One has to wonder, is this a necessary way to combat the sharing/borrowing/stealing of students' lunch money?  The Board of Education says the fingerprint records will be stored with the same level of security of all other school records, and that they will be destroyed after graduation.  But, again, is this the best use for what seems to be a surplus of available finances?  And what happened to getting to know each student and being able to personally identify them, rather than relying on a fingerprint scanner to distinguish identification. 
Read the entire article here and let us know what you think about this issue below, by leaving a comment.  Do the privacy concerns have you objecting to this proposal, too? Or the dehumanizing of our students? Or maybe the cost concerns of this undertaking, which are slated to spread to other school functions and throughout high schools in the area as well? Or do you feel it is just a natural application of a growing-in-popularity technology? We'd love to hear from you.

Tuesday, January 4, 2011

Fingerprint Systems Meet Scrutiny in UK Schools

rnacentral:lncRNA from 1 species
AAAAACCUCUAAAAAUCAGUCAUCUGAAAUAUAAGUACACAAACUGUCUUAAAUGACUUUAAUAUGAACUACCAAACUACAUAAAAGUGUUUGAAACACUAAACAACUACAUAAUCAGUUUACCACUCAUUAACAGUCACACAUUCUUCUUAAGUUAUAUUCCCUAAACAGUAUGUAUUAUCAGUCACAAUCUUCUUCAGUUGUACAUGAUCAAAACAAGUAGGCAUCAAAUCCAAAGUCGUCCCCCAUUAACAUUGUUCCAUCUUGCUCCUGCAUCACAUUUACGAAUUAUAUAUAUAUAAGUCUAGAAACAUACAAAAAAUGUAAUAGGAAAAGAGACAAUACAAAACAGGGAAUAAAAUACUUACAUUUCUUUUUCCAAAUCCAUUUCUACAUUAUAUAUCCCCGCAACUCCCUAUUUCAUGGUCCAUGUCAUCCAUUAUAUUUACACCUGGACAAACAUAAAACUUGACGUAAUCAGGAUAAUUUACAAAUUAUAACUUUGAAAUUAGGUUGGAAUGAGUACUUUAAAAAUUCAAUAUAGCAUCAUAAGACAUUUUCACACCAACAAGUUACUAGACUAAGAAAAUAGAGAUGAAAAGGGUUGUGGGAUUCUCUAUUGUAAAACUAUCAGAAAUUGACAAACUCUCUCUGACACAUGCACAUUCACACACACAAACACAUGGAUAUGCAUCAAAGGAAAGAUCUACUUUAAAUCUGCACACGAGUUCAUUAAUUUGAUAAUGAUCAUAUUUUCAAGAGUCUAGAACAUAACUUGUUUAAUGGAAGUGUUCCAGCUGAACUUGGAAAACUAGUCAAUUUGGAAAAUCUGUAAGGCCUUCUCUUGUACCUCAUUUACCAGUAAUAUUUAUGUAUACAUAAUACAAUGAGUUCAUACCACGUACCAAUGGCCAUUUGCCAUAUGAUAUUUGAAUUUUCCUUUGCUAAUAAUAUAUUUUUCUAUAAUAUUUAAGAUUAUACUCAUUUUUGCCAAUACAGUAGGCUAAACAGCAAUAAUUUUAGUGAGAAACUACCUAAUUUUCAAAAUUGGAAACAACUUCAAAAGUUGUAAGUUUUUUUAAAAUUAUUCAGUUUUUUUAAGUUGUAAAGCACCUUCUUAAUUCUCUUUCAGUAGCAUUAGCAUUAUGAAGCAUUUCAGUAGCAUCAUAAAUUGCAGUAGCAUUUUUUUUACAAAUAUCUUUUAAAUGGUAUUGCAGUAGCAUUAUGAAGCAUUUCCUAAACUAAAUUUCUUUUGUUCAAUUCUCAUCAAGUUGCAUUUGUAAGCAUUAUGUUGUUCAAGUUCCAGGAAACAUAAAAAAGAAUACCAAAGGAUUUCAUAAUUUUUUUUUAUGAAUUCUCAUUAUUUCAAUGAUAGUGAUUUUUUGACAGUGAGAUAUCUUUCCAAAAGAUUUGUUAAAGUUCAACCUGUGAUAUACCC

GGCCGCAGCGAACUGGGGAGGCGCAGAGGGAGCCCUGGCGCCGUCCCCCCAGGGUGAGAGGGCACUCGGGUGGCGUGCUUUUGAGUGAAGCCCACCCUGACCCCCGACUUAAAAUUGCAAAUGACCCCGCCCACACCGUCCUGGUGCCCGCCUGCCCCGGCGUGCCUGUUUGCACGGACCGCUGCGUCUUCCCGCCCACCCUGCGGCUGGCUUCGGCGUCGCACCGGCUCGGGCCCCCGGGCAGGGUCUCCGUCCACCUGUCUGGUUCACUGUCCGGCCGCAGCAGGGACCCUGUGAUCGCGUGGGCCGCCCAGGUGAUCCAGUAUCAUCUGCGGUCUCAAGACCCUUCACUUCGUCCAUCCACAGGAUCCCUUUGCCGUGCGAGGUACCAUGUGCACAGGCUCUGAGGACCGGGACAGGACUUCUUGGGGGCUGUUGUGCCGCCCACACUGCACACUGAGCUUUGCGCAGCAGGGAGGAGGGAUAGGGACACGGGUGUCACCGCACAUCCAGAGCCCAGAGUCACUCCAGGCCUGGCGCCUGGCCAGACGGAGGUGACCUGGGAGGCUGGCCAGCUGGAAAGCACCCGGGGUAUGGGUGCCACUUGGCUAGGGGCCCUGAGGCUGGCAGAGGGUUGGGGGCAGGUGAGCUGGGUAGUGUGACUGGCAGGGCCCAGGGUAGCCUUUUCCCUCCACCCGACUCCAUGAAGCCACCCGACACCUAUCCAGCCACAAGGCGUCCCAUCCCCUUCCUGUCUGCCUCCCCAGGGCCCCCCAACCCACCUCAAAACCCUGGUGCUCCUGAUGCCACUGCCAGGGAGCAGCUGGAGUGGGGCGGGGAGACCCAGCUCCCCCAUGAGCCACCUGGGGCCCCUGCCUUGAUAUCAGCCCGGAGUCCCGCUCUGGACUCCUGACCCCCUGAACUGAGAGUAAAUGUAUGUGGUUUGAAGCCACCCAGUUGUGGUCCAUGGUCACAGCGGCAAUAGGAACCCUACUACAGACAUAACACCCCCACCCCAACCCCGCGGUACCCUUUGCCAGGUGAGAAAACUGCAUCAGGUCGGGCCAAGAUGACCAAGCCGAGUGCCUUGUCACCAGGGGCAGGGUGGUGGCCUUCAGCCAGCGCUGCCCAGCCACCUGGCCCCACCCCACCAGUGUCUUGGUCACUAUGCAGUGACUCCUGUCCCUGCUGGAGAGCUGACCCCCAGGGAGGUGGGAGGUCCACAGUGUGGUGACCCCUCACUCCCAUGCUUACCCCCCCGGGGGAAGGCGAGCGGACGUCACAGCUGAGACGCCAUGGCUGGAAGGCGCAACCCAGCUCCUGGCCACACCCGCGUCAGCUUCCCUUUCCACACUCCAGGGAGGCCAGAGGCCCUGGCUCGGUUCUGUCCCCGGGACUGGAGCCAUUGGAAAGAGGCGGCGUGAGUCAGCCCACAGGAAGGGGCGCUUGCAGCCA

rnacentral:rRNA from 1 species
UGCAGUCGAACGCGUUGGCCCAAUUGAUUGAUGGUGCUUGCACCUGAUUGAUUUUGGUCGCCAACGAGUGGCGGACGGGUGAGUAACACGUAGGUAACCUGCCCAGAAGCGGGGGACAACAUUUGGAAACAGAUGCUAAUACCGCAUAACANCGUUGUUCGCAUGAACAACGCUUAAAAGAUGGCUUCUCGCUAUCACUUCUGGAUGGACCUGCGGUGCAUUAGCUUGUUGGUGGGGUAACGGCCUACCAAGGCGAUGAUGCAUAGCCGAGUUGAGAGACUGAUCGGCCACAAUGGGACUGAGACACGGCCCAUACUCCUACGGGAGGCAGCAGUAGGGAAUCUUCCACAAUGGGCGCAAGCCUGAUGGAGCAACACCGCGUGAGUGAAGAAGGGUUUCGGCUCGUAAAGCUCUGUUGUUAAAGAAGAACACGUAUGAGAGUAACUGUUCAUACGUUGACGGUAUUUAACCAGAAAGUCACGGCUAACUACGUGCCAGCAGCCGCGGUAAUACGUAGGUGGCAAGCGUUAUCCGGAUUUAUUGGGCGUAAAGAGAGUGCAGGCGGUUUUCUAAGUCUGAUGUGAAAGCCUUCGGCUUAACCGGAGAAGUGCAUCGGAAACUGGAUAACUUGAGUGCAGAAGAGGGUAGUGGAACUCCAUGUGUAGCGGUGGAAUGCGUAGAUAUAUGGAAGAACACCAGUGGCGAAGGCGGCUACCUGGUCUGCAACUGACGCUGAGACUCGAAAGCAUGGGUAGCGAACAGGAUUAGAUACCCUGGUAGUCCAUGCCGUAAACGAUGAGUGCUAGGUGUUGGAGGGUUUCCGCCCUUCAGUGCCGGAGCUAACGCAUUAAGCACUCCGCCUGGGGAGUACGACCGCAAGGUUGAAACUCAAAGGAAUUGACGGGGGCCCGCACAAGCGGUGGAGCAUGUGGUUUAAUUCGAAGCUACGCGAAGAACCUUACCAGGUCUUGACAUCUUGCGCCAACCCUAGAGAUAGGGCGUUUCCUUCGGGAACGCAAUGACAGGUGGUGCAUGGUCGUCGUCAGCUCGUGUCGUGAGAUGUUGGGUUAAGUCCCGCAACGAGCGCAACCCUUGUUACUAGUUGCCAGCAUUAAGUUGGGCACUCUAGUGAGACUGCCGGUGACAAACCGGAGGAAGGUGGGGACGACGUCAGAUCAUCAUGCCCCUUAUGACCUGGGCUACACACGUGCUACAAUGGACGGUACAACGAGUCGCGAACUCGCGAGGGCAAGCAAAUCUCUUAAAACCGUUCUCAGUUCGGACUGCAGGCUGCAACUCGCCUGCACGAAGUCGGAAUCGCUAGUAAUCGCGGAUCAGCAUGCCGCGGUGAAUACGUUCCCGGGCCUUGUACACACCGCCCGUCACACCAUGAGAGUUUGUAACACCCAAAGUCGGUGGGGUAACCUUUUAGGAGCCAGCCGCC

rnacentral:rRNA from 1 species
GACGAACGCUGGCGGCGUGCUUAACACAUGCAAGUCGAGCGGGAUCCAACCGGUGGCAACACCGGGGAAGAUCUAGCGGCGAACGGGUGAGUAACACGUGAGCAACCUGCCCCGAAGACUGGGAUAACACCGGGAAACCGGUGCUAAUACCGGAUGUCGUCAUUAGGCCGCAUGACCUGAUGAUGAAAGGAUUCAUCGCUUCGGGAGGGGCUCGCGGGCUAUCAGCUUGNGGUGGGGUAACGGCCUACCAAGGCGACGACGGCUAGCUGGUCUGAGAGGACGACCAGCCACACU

Fingerprint systems for school children? Have we gone a little too Big-Brother? That's what people are asking in the UK, where biometric identification of school children is on the rise.  Already more than a quarter of Scotland students are being identified this way - having to use thumbprints to access restrooms, acquire library books, obtain lunch and even check in their attendance throughout the day.  And even more schools have the capability and are yet to start using it.
The use of tracking mechanisms is poised to become mainstream within the British education system -- that is, as long as the critics don't get their way.  And there are plenty.  Parents and legislators alike are arguing that this unnecessary breach of minors' privacies is not only dehumanizing, but is also in violation of EU laws.

Salford University Researcher Dr Emmeline Taylor found that in 2010, 3,500 schools in the UK — one in seven — are using fingerprint technology.  It is evidently gaining acceptance even though the dissenters are expressly against the practice.


It is not so offensive as the RFID chips that are being used in school children’s ID cards in Texas and California (people have likened this to the tracking of cattle or warehouse inventory).  Yet still, there seems to be no logical reason why children as young as 4 need to be exposed to thinking that the government will be tracking their every move throughout their lives.


Many feel that just because the technology and efficiencies exist, there is no reason to replace human involvement and physical monitoring (not to mention ‘teaching’) of our children with them.  Are the schools so surplused with budget money that this was the expenditure of choice? I am sure we could all think of a few other, more education-centric ways to spend this.


What do you think? Leave us a comment below  telling us how you feel about the biometric tracking of school children.